Links Daily Devotional

Knowing What to Think

Summing it all up, friends, I’d say you’ll do best by filling your minds and meditating on things true, noble, reputable, authentic, compelling, gracious—the best, not the worst; the beautiful, not the ugly; things to praise, not things to curse. (Philippians 4:8, The Message)

Mark Wilson fills the cover of our 2012 Links Players Magazine. I do not know him personally, but I have sure learned a lot about him from reading his story in the magazine and also from traveling with his mother and father-in-law for two weeks on our recent trip to Israel. (Mark, if you are reading this, trust me, they love you!)

If you have not done so, you must read his story. It is a story of patience and perseverance. It is also a story of a man who has a lot of game and more importantly a lot of faith in God.

Mark tells a remarkable story from Q-School (final stage of qualifying school for the PGA Tour). Q-school stories are always the best. The best story of Q-School that I have ever heard came from a guy who needed pars on the last three holes to make it on the number. As some friends came out to see him walk down the sixteenth fairway, they were aware of what he needed to do as well. No one spoke a word. An oppressive umbrella of pressure and urgency hung over them all. The player simply walked close to his friends without making eye contact and, looking straight ahead, muttered these words of desperation as he passed: “I want my mommy!”

That is negative pressure. Mark Wilson tells of a way he has learned to combat negative pressure by dwelling on positive results. As Bob Rotella has ingrained in us, “golf is not a game of perfect.” Neither is life. We all have stumbles and tragedies along the way. Mark’s method of dealing with all of this is to not dwell on the negative, but to remember the good shots he has hit under pressure.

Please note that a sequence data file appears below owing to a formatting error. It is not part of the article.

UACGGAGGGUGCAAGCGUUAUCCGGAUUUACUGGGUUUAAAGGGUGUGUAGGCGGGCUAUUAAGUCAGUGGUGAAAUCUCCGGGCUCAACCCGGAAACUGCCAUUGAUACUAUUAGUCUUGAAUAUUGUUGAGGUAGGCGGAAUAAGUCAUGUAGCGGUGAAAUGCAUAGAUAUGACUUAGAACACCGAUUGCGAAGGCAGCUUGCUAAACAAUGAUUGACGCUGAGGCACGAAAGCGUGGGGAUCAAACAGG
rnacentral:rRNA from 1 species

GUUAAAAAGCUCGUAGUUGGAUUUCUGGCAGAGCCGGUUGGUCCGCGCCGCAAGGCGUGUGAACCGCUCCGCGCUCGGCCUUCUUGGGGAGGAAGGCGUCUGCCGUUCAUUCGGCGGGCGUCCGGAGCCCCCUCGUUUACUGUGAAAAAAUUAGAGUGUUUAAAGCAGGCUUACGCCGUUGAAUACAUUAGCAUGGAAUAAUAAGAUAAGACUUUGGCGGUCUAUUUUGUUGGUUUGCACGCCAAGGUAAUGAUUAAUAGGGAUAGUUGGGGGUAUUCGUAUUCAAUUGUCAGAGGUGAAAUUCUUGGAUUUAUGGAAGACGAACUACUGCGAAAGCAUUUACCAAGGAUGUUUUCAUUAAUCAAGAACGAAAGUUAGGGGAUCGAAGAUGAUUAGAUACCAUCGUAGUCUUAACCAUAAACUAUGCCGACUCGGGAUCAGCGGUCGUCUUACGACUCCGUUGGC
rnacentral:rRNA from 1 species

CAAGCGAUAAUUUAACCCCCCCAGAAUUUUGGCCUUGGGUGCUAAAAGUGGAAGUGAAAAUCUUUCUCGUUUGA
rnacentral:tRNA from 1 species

I also believe it is our tendency and natural bent to see the negative among all the positives that God has given us. We worry about the “what if” too much. A good friend of mine is fond of saying, “We live in a divine art gallery of majestic art work and yet we are content to stare at the carpet.”

So what does Mark do about this? He explains in the magazine: “I keep a diary of the greatest shots I’ve hit. After every round I play, I write down three or four of my favorite drives and iron shots and putts. That way I can dwell on those good times and remember all the good things I do in the game.”

I think he is on to something. I made a resolution to try this as well. It may take a while to fill the first page, but I like the focus and the discipline of thinking on the good thoughts.

Today’s verse from Philippians is a good start for all of us. When we can do this with life as well as golf, I think we become more like Jesus. Jesus was always seeing the good in those society said were no good. We can more easily forgive and love others when we see the good in them, even if it is only a small amount of good. We must realize that others may have done the same with us in forgiving and loving us. I also think it helps us fall in love with God when we focus on the incredible gifts of beauty all around us, even in the midst of battles.

Thanks, Mark, for this great lesson. I pray we will all use it to move closer to Jesus.

Randy Wolff

March 5, 2012

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